Having ready access to music, I’ve found, is key to weathering any number of trials in Cameroon. Over the last two years my trusty iPod has performed faithfully and helped me to maintain a measure of sanity through the worst of times. Stuck in the back of a sweltering, overcrowded bush taxi for eight hours? No problem. No running water, electricity or cooking gas for a few days, while your house is periodically flooded by torrential downpours? Meh. Rioting and police tear gas forcing you to remain indoors for awhile? Bring it on, I say.
The iPod has taken more than its fair share of abuse over the last two years here. The last trip up Mt. Cameroon was especially rough on it. I suspect that all the jostling on the trail and subfreezing temperatures at Hut 3 marked the beginning of the end. Some time afterward the internals began making a perturbing noise, sometimes known as the “click of death” followed shortly by the dreaded iPod sad face. I ran several hard disk diagnostic utilities one of which revealed, in graphic detail, the bad news:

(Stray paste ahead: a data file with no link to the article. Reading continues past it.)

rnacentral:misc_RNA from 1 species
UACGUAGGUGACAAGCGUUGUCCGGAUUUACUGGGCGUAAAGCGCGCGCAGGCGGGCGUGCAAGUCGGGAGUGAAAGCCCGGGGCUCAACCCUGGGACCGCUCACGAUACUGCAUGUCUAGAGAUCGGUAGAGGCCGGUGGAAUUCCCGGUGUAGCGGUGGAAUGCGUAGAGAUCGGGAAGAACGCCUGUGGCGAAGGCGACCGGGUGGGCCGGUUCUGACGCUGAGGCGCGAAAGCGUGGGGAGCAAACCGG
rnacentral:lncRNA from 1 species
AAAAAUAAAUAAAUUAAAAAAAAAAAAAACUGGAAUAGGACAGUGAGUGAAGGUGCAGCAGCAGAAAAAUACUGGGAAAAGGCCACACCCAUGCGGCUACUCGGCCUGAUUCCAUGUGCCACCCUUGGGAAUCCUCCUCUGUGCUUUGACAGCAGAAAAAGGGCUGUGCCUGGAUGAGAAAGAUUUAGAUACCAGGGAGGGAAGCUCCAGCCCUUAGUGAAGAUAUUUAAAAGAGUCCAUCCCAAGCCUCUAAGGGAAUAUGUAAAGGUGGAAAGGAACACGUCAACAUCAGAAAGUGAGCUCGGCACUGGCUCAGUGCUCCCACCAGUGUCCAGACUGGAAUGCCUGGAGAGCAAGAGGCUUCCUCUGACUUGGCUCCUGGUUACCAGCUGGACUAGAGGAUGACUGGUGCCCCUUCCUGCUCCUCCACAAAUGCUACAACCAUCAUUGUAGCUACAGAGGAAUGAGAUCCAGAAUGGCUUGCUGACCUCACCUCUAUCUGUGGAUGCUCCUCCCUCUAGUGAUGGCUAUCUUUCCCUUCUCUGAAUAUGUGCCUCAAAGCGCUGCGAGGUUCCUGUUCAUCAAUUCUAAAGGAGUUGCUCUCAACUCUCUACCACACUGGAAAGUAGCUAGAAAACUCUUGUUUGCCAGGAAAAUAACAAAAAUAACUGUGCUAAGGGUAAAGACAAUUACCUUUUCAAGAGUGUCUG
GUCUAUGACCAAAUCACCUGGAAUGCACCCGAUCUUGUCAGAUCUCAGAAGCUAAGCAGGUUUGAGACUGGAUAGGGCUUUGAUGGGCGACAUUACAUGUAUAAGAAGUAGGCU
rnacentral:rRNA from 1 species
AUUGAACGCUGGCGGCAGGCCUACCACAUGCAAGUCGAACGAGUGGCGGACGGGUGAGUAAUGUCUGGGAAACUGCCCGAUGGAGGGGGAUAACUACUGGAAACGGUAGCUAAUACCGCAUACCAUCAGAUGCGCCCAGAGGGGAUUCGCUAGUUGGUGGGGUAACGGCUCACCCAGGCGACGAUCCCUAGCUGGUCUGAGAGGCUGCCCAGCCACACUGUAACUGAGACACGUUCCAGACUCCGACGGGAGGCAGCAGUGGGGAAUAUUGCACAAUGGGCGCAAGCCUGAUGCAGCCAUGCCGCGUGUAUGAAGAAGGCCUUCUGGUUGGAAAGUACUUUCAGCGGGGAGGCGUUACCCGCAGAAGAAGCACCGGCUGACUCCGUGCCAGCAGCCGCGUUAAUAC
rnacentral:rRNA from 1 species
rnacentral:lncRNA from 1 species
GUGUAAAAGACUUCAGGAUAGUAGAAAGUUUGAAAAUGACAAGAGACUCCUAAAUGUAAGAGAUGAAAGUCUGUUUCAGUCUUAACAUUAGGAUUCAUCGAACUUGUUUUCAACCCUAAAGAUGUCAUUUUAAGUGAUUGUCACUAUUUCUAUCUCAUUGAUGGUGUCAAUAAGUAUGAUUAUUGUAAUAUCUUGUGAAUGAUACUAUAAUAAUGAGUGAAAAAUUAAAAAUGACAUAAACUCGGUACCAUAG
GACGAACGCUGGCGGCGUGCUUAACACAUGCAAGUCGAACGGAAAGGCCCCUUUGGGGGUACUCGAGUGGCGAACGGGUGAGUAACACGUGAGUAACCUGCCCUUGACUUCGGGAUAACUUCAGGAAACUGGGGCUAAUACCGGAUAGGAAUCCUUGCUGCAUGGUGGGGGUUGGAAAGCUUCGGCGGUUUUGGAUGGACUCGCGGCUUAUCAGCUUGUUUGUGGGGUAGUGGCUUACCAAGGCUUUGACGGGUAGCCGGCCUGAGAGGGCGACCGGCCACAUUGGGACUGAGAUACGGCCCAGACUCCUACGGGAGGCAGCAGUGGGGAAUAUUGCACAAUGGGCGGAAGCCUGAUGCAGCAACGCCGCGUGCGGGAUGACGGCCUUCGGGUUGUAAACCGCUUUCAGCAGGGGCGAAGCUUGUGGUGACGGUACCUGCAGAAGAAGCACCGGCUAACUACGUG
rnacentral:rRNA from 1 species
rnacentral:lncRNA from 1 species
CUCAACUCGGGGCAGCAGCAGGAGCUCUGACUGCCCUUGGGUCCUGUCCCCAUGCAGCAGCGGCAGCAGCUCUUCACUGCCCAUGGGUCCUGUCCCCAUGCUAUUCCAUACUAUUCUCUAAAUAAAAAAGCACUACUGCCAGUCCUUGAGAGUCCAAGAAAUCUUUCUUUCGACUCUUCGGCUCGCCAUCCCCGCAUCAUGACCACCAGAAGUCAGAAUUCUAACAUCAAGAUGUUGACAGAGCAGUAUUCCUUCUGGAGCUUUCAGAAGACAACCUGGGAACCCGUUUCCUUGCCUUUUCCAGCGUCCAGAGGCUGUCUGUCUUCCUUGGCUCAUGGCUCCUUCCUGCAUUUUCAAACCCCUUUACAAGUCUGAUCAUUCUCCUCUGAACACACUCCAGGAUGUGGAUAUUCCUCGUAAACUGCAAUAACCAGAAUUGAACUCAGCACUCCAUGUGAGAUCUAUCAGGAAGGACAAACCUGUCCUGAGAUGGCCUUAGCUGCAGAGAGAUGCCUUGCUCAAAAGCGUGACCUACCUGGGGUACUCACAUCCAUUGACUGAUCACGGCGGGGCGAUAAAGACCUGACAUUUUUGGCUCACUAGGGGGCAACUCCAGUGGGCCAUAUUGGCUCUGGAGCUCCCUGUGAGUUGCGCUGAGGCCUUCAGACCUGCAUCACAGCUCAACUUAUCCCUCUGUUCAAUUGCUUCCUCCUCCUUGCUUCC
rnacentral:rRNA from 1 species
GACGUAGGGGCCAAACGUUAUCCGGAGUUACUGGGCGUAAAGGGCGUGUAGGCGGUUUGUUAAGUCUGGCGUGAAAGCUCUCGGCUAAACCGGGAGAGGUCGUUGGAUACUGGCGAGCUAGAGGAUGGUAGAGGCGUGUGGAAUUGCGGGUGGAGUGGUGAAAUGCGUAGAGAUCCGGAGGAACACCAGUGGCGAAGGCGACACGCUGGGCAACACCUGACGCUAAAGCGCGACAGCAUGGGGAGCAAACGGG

Well, only 89.5% of it is damaged, so I guess I should consider myself lucky. My 60GB iPod is now, in effect, a 6GB iPod—but not really. The disk is so full of errors that it spontaneously reboots and seeks through bad blocks so often that the battery dies in no time.
Fortune shined upon me, though, as a friend took a trip to South Africa and brought me back a handsome little 4GB Nano. Good times are back again.
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